If you have spent more than an hour talking to me about OSE, you undoubtedly know that I hate the plateau effect
To explain, here is the typical Fighter progression in OSE. Notice how our combat based character gets exactly zero better and actually hitting things for 7,999 experience points? At this point he gets better to the magnitude of 2 points. Then, they need to score another 55,999 xp to get better. This always drove me crazy. Your character plods through the dungeons for days or weeks, never really getting better and the SUDDENLY he jumps up by TWO points. I cannot think of one thing that goes through three (or four, or five) iterations and then goes up by two points. Shouldn't there be growth by one point somewhere along the way??? Just fails to pass the common sense test for me.Now, about this time some well-meaning asshat grognard is going to come along and explain how hit points increasing is a measure of their ability to get better in combat, or some other halfbrained idea. And YES, I know the historical reasons as to why it goes up by two or three points every three or four levels. I get it. Whatever. This is my blog, so hop off.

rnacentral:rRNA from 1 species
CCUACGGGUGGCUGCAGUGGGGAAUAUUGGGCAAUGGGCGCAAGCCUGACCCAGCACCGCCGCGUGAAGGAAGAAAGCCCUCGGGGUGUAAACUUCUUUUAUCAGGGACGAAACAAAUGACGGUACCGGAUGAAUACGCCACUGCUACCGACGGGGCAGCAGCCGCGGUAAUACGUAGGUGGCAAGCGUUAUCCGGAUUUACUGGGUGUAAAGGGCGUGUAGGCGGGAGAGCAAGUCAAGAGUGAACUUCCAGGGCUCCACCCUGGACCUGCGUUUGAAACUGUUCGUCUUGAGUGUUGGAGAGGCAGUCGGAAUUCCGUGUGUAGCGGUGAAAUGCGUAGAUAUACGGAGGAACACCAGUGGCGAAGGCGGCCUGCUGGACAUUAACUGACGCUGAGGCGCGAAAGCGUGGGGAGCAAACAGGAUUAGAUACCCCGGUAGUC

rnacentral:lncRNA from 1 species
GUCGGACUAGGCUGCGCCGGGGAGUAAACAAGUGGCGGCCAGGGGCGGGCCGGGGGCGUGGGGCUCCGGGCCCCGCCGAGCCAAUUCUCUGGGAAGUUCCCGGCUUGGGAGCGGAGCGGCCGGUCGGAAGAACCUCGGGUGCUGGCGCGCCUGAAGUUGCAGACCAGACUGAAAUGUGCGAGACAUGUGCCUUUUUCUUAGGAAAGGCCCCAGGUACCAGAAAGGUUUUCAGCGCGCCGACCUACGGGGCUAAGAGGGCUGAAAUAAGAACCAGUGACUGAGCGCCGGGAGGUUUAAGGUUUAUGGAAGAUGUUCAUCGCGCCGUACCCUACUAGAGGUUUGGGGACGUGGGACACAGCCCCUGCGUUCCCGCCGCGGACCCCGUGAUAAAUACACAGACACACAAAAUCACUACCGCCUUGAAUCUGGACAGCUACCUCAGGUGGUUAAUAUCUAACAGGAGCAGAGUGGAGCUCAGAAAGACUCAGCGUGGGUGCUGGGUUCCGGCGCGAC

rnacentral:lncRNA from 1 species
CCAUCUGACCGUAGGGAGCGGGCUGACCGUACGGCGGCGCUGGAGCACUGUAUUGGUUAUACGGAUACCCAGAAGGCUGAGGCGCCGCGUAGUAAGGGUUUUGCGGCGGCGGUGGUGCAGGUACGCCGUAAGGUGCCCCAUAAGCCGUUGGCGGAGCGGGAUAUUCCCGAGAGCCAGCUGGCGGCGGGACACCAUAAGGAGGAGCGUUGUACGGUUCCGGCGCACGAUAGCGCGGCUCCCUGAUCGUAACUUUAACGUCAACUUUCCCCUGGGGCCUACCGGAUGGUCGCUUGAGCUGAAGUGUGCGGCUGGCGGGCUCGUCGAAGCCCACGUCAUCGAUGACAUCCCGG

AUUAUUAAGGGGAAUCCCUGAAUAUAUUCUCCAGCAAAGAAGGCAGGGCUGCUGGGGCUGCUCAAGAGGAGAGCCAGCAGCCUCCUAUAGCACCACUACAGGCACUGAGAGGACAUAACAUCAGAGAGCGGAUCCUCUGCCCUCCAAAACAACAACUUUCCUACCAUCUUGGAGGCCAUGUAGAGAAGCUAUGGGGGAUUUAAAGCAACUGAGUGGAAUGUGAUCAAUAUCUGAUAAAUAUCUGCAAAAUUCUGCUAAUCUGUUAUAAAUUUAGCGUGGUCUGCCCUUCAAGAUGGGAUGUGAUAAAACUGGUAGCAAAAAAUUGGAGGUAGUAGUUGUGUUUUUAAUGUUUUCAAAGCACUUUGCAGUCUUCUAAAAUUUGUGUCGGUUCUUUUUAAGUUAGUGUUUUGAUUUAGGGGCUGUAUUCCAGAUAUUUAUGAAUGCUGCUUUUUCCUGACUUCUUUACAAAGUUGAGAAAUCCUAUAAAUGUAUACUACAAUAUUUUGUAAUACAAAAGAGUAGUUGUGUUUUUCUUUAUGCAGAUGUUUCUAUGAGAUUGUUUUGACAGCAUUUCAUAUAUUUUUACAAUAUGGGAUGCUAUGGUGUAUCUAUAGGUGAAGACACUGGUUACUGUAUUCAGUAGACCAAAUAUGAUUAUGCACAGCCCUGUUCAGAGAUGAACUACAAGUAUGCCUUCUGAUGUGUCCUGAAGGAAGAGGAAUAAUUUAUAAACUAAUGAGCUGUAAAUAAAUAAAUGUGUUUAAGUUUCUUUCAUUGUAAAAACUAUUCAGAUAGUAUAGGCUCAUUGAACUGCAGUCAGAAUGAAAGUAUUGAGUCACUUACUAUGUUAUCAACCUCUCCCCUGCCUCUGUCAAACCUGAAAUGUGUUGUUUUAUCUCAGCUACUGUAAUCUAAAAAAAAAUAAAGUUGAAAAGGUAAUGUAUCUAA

This method is dumb. Always has been dumb. Period. Full stop (for you old people like Brandon).
My friend Steve came up with the mathy behind this better idea. I opened up Affinity Publisher and fixed the original OSE page below. Thanks Steve!
I also did the cleric, original:
Found a typo on the Thief table. At 11th and 12th level, instead of BAB +6 in parentheses, you have +4.ReplyDelete
I've considered doing something like this, or maybe even giving Fighters +1 per level like in 3E, but haven't decided if I like this better or not. Still thinking...
Thanks, I’ll fix that.Delete
Neat, thanks! It's also tempting to tackle with the saving throws progressions...ReplyDelete
I've been considering this change, and also smoothing the saving throw progression. My players complained about "samey-ness", where it didn't feel like character level progression actually did much. I blame video games, but it also occurred to me I could improve the situation slightly by smoothing out the sudden jumps in saves and attack bonuses.ReplyDelete
The POINT in AD&D is that before you get better, you TRAIN before actually gaining the level and it's abilities. With that in mind, it makes perfect sense.ReplyDelete
Makes me think of Lamentations of the Flame Princess, where the Fighter starts with an attack bonus of 2 and then gets one on top of that at every level.ReplyDelete
The non-fighters start with an attack bonus of 1 and stay there: They have other things to raise, like spellcraft and thief skills. Thereby the fighter gets better all the time, plus killing and maiming is his special forte where none other can compete.
And yes, that means a sixth level fighter attacks with +7.